• Conclusion

    Majority of rural and urban teachers had high job satisfaction. Results suggested that factors like work experience and monthly salary had positive and significant relationship with job satisfaction of teachers while age and educational qualification of teachers had non-significant relationship with job satisfaction. It is also revealed that teachers from government school had higher level of job satisfaction as compared to private teachers and the teachers with higher monthly salary had higher level of job satisfaction than who were earning low monthly salary.


  • Reference
  • Abbasi, P., 2003, A comparative study of job satisfaction among primary school teachers in India. New Frontiers in Education 33(02), 2.

    Amarasena, T.S., Ajward, A.R., Ahasanul Haque, A.K., 2015. The effect of demographic factors on job satisfaction of university faculty members in Sri lanka. International Journal of Academic Research and Reflection 3(4), 89−102.

    Aliakbari, M., 2013. On the Relationship between Teachers’ Sense of Responsibility and their Job Satisfaction : The Case of Iranian High School Teachers. European Online Journal  of Natural and Social Sciences 2(2), 487–501.

    Armstrong, M., 2006. A handbook of human resource management practice. 10 Edition, London.  Kogan Page Publishing, 264.

    Chandana, C.K., 2014. A study of job satisfaction of the primary school teachers. International Journal of Research in Education 3(3), 18−20.

    Dehghanmehr, S., Balouchi, A., Shahdadi, H., Bandadni, E., 2016. The relationship between job satisfaction and marital satisfaction in nurses working in Amir Al-Momenin Hospital, Zabol, Iran. Der Pharmacia Lettre, 8 (13), 251−255.

    Fives, H., Gill, M.G., 2015. International handbook of research on teachers’ beliefs. New York, U.S.A.,  Routledge.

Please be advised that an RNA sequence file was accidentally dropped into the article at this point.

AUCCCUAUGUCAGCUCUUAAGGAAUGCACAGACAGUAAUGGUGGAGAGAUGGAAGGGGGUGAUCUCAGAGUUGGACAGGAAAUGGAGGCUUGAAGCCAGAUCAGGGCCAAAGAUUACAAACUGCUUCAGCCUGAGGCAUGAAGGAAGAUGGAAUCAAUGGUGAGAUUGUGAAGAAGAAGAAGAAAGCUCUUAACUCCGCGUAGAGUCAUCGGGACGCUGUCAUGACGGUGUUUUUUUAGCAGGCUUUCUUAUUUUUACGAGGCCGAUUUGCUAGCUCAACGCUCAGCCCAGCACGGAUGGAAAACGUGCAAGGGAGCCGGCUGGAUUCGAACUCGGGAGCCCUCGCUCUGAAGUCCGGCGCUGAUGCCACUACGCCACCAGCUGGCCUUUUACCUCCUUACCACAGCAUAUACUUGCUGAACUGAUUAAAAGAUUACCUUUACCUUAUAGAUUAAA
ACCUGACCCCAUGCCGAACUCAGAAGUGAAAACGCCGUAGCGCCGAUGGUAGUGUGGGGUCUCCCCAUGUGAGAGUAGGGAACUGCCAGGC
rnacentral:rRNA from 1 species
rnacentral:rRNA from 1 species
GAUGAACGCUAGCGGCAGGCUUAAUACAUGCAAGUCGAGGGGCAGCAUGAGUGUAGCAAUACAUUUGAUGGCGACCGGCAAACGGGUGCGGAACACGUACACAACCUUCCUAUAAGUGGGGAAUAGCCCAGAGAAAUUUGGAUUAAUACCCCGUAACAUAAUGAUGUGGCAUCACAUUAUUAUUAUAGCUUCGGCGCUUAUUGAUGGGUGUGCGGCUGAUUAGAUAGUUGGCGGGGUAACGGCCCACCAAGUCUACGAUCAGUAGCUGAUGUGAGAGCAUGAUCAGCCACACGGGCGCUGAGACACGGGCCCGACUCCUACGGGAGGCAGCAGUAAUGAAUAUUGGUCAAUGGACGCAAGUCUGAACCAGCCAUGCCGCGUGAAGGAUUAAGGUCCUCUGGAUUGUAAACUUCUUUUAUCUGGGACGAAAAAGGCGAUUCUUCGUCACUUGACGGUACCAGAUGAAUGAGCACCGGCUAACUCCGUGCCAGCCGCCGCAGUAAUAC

Gesinde, A.M., Adejumo, G.O., 2012. Effect of Age and work experience on job satisfaction of Primary school teachers: Implications for career counseling. International. Journal of Asian Social Science, Asian Economic and Social Society 2(3), 302−309.

    Kanungo, R., 1982. Job Satisfaction Scale. International Journal of Psychology, 23(3), 165.

    Kardam, L.B., Rangnekar, S., 2012. Job satisfaction: Investigating the role of experience and Education. Journal of Arts, Science and Commerce 4(1), 16-22.

    Kumar, M.S., Balasubramani, P., 2019. A study on job satisfaction of primary school teachers in Purasaiwakkam Area, Chennai. International Journal of Engineering and Management Research 9(4), 161-165.

    Neeraja, P., Rani, B.S., 2014. Job satisfaction of primary school teachers. International Journal in Management and Social Science 2(1), 76-84.

    Nigama, K., Selvabaskar, S., Surulivel, S.T., Alamelu, R., Joice, D.U., 2018. Job satisfaction among school teachers. International Journal of Pure and Applied Mathematics 119(7), 2645−2654.

    Pan, B., Shen, Xue., Liu, L., Yang, Y.,  Wang, L., 2015. Factors associated with job satisfaction among university teachers in Northeastern region of china: A cross-Sectional Study. International Journal of Environmental Research and Public Health, 12, 12761−12775

    Rama, T.N., Renuka, P., 2016. A study on job satisfaction of post graduate teachers working in A.P. Model Schools. Journal of Research and Method in Education 6(3), 43−48.

    Spector, P.E., 1985. Measurement of human service staff satisfaction: Development  of the job satisfaction survey. American Journal of Community Psychology, 13(6), 693−713.

    Sylvester, J.M., 2010. Attitude towards teaching profession and job satisfaction of teachers educators. Edutracks 9(8), 36−38.

    Tarun and Pooja, 2014. Analytic Examination of Teachers’ Job Satisfaction in Senior Secondary Schools. International Journal of Education and Psychological Research 3(3), 74−78.

    Velmurugan, R., 2016. Job satisfaction of teachers. Journal of Research in Humanities and Social Sciences 1(1), 20−23.


Cite

1.
Pooja , Yenagi GV. Factors Influencing the Job Satisfaction of Primary School Teachers in Rural and Urban Areas in Roorkee Taluk, Uttarakhand State IJBSM [Internet]. 30Apr.2020[cited 8Feb.2022];11(1):183-187. Available from: http://www.pphouse.org/ijbsm-article-details.php?article=1367